Using quotations in blog posts can help create anticipation, suspense, or drama, as we went over earlier this week in my Say It For You blog. Quotations help reinforce points while adding variety and authority, and, so long as they are not overdone, they can be a very good idea in blogging for business. But, in addition to the content writing itself, there are some technical to-dos and no-nos about quotations that bear need mentioning, and that will be our focus today.
On the negative side, Dave Smith of realestatebloglab.com issues a caution about quotations: Don’t use double quote marks in blog post titles, he says. Double quote marks at the beginning and end of a phrase tells the search engine to look only for those exact words in that exact order, severely limiting your ability to “get found” through category or organic search.
A second crucial caution has to do with plagiarism. The dictionary definition? “An instance of using or closely imitating the language and thoughts of another author without authorization and the representation of that author’s work as one’s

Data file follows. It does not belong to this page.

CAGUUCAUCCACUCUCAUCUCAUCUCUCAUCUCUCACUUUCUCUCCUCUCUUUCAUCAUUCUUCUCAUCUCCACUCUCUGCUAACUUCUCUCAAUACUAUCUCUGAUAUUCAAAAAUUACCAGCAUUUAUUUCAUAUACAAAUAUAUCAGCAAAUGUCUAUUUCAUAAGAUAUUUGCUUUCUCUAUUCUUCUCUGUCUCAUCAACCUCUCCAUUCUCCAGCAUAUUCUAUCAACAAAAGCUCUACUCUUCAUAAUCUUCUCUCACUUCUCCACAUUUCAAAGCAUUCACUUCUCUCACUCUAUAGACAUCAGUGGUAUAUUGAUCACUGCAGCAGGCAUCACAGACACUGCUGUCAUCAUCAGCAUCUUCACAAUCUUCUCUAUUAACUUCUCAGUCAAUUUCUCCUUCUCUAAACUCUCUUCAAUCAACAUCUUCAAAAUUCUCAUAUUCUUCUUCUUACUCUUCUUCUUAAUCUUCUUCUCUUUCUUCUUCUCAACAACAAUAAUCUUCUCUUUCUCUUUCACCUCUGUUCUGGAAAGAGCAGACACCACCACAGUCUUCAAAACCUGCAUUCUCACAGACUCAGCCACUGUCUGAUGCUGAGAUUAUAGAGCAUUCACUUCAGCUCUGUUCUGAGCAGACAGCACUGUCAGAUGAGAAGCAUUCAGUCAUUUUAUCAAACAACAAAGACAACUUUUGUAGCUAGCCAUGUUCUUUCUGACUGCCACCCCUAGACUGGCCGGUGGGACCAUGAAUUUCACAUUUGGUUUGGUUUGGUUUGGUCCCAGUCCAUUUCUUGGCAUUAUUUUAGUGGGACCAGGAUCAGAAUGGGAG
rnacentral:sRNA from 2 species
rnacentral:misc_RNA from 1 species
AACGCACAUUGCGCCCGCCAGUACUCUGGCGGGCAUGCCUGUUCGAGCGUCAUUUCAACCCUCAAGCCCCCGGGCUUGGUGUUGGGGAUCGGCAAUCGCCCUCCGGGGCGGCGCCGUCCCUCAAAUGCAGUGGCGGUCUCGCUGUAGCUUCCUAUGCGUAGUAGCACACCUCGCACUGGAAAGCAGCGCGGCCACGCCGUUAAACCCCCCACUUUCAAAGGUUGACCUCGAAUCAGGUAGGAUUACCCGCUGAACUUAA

own.” Sure, you’re creating value for your readers by curating, gathering information from many sources, but it’s only fair to create a link to the authors’ sites, giving them the attribution or credit, advises Nick Schaferoff of Torque.
While we’re talking about mechanics, there’s benefit to be had in linking back to your own former blog posts. ”I find that when someone views more than a single page on your blog that they’re more likely to remember it, subscribe to it, comment upon it and become a regular and loyal reader,” Darren Rowse of problogger.com observes.
“Quotations can bring your writing to life – the reader imagines someone saying the words,” says Grammar Girl Mignon Fogarty, but you have to follow certain rules, depending on what other punctuation marks you mix with your quotation marks. In American English we always put periods and commas inside quotation marks, she stresses.
There are two reasons to use quotation marks in English writing, explains yourdictionary.com.
1. You are quoting someone; that is to say you are using someone else’s exact words, and you are giving that person credit for having said them.
2. You are being sarcastic (He can’t get a date, because no one wants to be seen in his “car”.)
As a blog content writer and trainer, I’m not being in the least sarcastic when I say that, in business blogs, quotations can be a very good idea!